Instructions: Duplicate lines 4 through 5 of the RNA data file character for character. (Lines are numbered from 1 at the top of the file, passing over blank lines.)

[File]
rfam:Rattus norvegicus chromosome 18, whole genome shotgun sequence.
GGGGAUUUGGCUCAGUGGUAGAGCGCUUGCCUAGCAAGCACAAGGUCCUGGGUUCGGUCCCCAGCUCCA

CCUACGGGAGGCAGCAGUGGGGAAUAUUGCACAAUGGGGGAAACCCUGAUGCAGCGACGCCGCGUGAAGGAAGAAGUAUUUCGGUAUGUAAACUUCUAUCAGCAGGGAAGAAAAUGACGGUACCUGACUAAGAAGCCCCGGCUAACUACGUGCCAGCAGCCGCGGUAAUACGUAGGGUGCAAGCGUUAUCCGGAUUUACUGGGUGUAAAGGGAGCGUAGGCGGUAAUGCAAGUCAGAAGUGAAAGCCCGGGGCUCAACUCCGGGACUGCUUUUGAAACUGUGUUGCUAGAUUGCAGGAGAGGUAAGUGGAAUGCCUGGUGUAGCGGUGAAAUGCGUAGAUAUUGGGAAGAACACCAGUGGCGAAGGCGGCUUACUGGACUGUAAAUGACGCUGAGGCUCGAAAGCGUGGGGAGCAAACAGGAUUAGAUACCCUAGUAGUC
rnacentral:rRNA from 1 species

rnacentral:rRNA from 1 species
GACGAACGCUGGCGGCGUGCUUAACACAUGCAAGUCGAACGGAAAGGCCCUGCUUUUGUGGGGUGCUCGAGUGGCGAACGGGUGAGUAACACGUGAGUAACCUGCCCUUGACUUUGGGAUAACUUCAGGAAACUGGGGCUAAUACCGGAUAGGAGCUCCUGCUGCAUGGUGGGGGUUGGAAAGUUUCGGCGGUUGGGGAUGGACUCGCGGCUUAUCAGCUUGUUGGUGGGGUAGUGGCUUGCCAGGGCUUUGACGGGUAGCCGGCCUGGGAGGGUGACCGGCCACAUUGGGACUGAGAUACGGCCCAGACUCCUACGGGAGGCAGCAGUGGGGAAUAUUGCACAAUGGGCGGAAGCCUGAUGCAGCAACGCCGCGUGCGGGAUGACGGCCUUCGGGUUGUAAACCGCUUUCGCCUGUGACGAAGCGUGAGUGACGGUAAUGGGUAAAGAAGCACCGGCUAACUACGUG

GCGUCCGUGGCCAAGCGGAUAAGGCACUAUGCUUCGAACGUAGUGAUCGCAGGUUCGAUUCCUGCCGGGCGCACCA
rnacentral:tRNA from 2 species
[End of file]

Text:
rnacentral:rRNA from 1 species

rnacentral:rRNA from 1 species